Thomas Craig (mathematician)

Thomas Craig was a professor at Johns Hopkins University and a proponent of the methods of differential geometry.

Thomas Craig was born December 20, 1855, in Pittston, Pennsylvania. His father Alexander Craig immigrated from Scotland, and worked as an engineer in the mining industry.

Thomas Craig first studied civil engineering at Lafayette College in Pennsylvania, where a teacher William J. Bruce was a mentor to him. Thomas took his C.E. degree in 1875. He taught high school in Newton, New Jersey while continuing to study mathematics. He entered into correspondence with Benjamin Peirce and Peter Guthrie Tait.[1]

Thomas Craig was one of the prime movers of Johns Hopkins University when it was launched by Daniel Coit Gilman in 1876. Craig and George Bruce Halsted were the first Hopkins Fellows in mathematics. James Joseph Sylvester had been invited to lead a graduate program in mathematics but would only be doing that. Craig was needed to teach differential calculus and integral calculus. The first year there were only fifteen students studying mathematics, but by 1883 there were 35.

In 1879 Craig took his Ph.D. degree with a dissertation "The representation of one surface upon another, and some points in the history of curvature of a surface". He became an instructor at Johns Hopkins that year, but also took up work at the U. S. Coast and Geodetic Survey. In that capacity he produced the text for A Treatise on Projections for workers at the Geodetic Survey. Craig and Simon Newcomb read Leo Königsberger's Theory of Functions also.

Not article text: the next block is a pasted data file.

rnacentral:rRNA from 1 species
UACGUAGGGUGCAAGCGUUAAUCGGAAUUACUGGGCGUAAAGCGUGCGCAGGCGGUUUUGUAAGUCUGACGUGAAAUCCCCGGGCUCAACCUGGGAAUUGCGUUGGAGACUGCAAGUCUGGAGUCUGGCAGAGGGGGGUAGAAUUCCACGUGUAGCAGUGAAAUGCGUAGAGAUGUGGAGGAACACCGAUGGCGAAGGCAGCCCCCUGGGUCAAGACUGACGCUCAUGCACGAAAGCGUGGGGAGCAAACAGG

Thomas married Louise Alford, daughter of General Benjamin Alvord, on May 4, 1880. The couple raised two daughters, Alisa and Ethel.

After 1881 Craig was totally committed to Johns Hopkins, particularly anticipating Arthur Cayley's lectures on theta functions when he came over for the Spring semester of 1882. Besides the calculus courses, Craig taught differential equations, elliptic functions, elasticity, partial differential equations, calculus of variations, definite integrals, mechanics, dynamics, hydrodynamics, sound, spherical harmonics, and Bessel functions.[2]

When the American Journal of Mathematics was launched in 1877 Craig was tasked with recording expenses, as these were underwritten by Johns Hopkins University. His report at the end of 1882 gave the total just under ten thousand dollars.

Thomas Craig died May 8, 1900. With information supplied by Luther P. Eisenhart, Simon Newcomb wrote the notice in the American Journal of Mathematics[3]


Thomas Craig wrote the following contributions to the American Journal of Mathematics:

Notes and references

  1. Craig had significant Correspondence. There are 97 letters addressed to him by mathematicians of stature that are held in the Thomas Craig Correspondence file at Firestone Library of Princeton University
  2. Compiled from a report by William E. Story to Gilmore on math courses taught, cited by Parshall and Rowe
  3. Simon Newcomb (1900) Thomas Craig obituary in American Journal of Mathematics from Jstor early materials
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